The Lake Erie Walleye, also called yellow pike, yellow pickeral or old marble eye, is an awesome fish living in an amazing lake. Fishermen, from around the world, flock to northern Ohio in a quest to catch the Lake Erie Walleye. The Ohio Department of Natural Resources estimates that as of year 2021, there are approximately 95 million walleye swimming in Lake Erie that are 15 inches in length or longer. That is a great number of hungry fish to try to catch. Walleye are strictly carnivorous, feeding or eating other fish such as minnows, yellow perch, smelt and shad.

Lake Erie is one of the top 10 largest freshwater lakes in the world. When fishing on Lake Erie, there are many miles of surface water area to cover (about 9,940 square miles) and below the surface is an average depth of about 60 feet of water also. There are variety of techniques used to present a bait to the Lake Erie walleye, including trolling, jigging, and casting. Common baits are artifical lures, including jigs, crankbaits, jerk baits, and spoons. Live bait is also used and includes night crawler worms and minnows. No matter what bait or technique you use, there are some major considerations that will help put a walleye in the boat.

1) Location

Fish where the active fish are. Use your electronics and mapping to try to locate some walleyes. A fish finder uses Sonar to locate fish under a boat. Once you marked some fish on your fish finder, determine if these fish are ready to eat. Walleye typically fall into three categories ACTIVE, NEUTRAL and NEGATIVE fish. Active means there are searching or hunting for food. Find the active fish that will strike your presentation. Active fish typically appear higher in the water column and up top on the fish finder beam. Neutral fish are searching, but are not just sure if they are hungry enough to feed. Negative are just not interested in doing anything.

2) Depth

Place your bait at the proper depth. You bait presentation has to be in the strike zone of the targeted fish to be effective. From the surface to the bottom is a vertical water column measured from 0 ft deep at the surface to what the bottom is measured at ( for this example lets say 52 feet deep of water). Your electronics mark a fish at 25 feet down in 52 feet of water (FOW). Your bait will need to be just above the 25-foot mark. If your bait is deeper than 25 feet, the walleye will not see the bait that is beloww them. Walleye typically swim parallel or upwards towards a bait.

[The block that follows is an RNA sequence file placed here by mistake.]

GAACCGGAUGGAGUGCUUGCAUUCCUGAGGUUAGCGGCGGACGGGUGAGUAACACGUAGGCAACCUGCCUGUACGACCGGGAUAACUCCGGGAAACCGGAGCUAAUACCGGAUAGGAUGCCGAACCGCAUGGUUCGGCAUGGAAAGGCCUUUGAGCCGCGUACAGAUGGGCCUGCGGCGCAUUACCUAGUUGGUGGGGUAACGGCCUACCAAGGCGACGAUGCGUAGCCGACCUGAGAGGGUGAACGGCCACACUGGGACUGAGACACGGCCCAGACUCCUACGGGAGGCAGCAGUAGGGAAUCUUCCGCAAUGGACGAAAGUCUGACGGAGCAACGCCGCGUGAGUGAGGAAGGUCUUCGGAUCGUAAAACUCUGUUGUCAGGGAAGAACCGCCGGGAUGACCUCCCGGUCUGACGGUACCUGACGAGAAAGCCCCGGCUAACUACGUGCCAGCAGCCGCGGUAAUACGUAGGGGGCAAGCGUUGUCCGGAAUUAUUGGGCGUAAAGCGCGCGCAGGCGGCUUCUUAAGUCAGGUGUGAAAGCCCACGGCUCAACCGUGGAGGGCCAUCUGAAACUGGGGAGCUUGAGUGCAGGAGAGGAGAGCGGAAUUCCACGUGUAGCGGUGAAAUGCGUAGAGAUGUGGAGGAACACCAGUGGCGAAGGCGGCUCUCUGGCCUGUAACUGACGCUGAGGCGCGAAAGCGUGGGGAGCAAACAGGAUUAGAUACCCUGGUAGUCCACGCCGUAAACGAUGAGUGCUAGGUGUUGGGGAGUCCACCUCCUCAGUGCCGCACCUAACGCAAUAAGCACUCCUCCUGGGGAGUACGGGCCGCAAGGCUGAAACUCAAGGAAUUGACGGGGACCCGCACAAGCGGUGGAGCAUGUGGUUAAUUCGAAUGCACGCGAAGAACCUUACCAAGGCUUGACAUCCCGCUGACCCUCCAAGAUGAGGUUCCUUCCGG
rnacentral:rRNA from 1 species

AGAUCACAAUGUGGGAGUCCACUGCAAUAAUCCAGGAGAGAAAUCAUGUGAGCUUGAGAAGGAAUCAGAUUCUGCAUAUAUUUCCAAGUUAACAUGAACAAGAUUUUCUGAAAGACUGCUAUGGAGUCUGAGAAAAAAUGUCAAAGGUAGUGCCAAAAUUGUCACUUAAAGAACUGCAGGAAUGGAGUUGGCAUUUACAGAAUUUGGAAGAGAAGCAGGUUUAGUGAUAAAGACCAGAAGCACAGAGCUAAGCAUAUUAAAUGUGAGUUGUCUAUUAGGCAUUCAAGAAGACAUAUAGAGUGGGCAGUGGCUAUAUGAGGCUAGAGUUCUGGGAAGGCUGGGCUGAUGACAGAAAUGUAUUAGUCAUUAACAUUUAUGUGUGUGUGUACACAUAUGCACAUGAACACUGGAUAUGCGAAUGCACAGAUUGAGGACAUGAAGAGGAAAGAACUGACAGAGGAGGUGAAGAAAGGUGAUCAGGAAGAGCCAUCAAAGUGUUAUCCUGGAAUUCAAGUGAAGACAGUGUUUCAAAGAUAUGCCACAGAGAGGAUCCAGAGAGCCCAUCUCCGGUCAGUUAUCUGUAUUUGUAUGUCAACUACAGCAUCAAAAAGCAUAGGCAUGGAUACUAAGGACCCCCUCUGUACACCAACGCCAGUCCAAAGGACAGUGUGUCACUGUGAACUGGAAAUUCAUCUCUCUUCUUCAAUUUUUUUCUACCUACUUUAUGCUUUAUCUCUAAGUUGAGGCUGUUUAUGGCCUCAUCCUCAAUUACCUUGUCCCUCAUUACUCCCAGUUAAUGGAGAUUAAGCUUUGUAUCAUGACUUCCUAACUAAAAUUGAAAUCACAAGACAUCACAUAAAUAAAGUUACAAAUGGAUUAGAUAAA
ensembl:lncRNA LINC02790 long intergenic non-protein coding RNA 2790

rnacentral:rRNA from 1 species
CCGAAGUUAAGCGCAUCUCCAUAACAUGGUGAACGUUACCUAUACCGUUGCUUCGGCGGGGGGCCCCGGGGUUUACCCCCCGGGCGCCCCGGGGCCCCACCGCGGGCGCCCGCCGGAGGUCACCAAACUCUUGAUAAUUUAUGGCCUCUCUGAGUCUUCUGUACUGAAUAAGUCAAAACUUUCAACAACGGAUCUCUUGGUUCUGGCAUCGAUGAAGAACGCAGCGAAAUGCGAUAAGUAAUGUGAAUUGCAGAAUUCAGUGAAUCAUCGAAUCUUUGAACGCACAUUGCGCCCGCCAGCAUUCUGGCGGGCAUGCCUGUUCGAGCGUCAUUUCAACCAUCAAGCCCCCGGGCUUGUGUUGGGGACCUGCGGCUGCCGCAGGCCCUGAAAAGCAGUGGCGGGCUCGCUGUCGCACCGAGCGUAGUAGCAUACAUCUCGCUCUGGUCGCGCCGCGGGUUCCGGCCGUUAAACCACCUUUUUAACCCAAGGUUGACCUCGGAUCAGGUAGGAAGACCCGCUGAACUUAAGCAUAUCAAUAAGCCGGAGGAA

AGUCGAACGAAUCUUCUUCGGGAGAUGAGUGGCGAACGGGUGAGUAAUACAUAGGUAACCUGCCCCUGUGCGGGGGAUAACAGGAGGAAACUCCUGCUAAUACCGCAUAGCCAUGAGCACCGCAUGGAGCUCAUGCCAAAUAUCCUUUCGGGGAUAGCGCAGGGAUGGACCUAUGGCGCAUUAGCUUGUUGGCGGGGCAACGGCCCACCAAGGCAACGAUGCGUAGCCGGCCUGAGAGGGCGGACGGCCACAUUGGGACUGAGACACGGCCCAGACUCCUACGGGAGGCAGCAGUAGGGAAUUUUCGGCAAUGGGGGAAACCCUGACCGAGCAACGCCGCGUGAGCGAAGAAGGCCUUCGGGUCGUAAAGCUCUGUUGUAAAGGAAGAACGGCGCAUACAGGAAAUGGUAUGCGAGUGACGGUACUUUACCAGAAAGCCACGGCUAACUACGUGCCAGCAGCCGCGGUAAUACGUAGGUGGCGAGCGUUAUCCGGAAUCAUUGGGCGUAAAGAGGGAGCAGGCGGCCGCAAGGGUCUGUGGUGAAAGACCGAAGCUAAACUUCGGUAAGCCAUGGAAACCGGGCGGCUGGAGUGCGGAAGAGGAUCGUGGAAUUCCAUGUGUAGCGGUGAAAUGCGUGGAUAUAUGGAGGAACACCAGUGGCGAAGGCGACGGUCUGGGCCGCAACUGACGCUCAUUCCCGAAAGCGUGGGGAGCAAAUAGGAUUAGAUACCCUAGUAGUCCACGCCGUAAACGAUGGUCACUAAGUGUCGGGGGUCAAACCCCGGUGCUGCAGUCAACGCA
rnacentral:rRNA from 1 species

Active fish, Depth and Speed

Angry Floater Fishing

3) Presentation

Presentation is important for your bait to be presented in a natural way to encourage fish strikes. The presentation must look natural and act natural. Make sure your your crank baits are rigged properly, and tuned for high performance. If using a worm harness or spinner, does it spin properly, is it tuned right, and or does it swim at the proper depth?

4) Speed

Use speed to your advantage when targeting walleye. When water temperature is cold (34 to 50 degrees), you want to run your lure presentation at a slower speed. The fish are sluggish at colder water temperatures. When the water temperature moves above 50 degrees to 70+ degrees, you can speed up your presentation. Walleyes are much more active in warmer water temperatures and are eagerly striking presentations. You will find that the faster trolling speeds also allows you to cover more water. Walleye will chase your lure for a longer period of time and strike it with warmer water tempature and higher bait / lure speeds.

5) Color

Old marble eye walleyes are sensitive to color based on water clarity and natural lighting. Walleyes will strike darker color lures in low light or stained water. On blue bird sky days and or clear water, this calls for Chrome, glass or green base colors. In deep lakes, like Lake Erie, lures can loose their color based on depth. Deeper the bait is in the water column the better chance the color will change on the bait.

Underwater Color Chart

Angry Floater Fishing